A line forms outside Crisis Ministries' shelter on upper Meeting Street almost every afternoon as men wait for the 5 p.m. opening.
But that stark reminder of local pain and poverty will disappear as the organization that has served the area's homeless people for 30 years improves its practices and opens a new shelter.
Changes are in store for the organization as it evolves to better incorporate what is known to work in helping the homeless achieve self-sufficiency, said Stacey Denaux, including a name change to One80 Place.
The new name
The organization was launched as the Charleston Interfaith Crisis Assistance Ministry, a grassroots effort among many churches to offer basic shelter and a soup kitchen to the homeless, Denaux said. The name eventually was shortened to Crisis Ministries, she said, but it was confusing because it doesn't accurately portray what the organization does.
It's not a faith-based organization, even though many local church members contribute time and money to it. And it does much more than help people through a crisis, she said. "Our goal is that they not stay bogged down in that crisis for long."
Paul Kohlheim, chairman of the group's board, said the new name is appropriate because the organization is about helping people turn their lives around. It does that not only by providing shelter, but by helping them overcome legal, health and other problems. "Getting someone from homelessness to self-sufficiency is a complex task," he said.
Kohlheim said the group has spent the past year creating a strategic plan for the future. That process revealed that the organization didn't need to offer more services, he said, it simply needed to improve and expand some of what it already offered.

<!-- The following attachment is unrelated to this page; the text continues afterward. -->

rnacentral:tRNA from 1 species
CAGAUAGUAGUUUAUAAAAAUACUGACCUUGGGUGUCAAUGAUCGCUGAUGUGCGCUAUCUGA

Denaux said some new systems will be put in place that reflect the best practices known for helping homeless people. For instance, she said, many people who become homeless have been traumatized in various ways, and the shelter experience can re-traumatize them. The new building will prevent that, she said. It's light, clean and welcoming. And the men no longer will have to line up outside.
That happens now, she said, because the dorm serves as a dining hall during the day. The new shelter has a separate dining room.
Shelter workers also will treat people who suffer from both alcohol and drug addiction and mental health problems differently, she said. In the past people thought it was best to treat the addiction first, then deal with the mental health problems. But now, shelter professionals know it's best to treat both conditions at the same time.
The new shelter
The new $7.8 million shelter currently is under construction and will be complete in early August. The organization will hold a grand opening celebration Nov. 7, Denaux said.
The group has a nearby house for women and families, she said, which was renovated in 2009.
The new facility, behind the current shelter on upper Meeting Street, will have 70 beds in the men's dorm, 40 beds for male veterans, a large kitchen and dining hall, and more office space.
The current shelter has space for 70 men and 14 veterans.
Crisis Ministries provided shelter for more than 1,000 people last year and offered services through its other programs to about 2,000 people.
Kohlheim said the group so far has raised about $6 million for the new facility. That includes $1.2 million from the U.S. Department of Veterans Affairs. It still is trying to raise the remaining $1.8 million.
Denaux and Kohlheim said an embezzlement case currently in the courts hasn't hurt the group's fundraising efforts. Earlier this week, Carol Libby, the group's former chief financial officer, pleaded guilty to a charge in connection to the embezzlement of about $440,000 from the charity over a seven-year period.
Kohlheim said he thinks the group has established a solid reputation as an important and reputable charity over the past 30 years. If it didn't exist, he said, "our streets in Charleston would be very different.
Reach Diane Knich at 843-937-5491 or on Twitter at @dianeknich.
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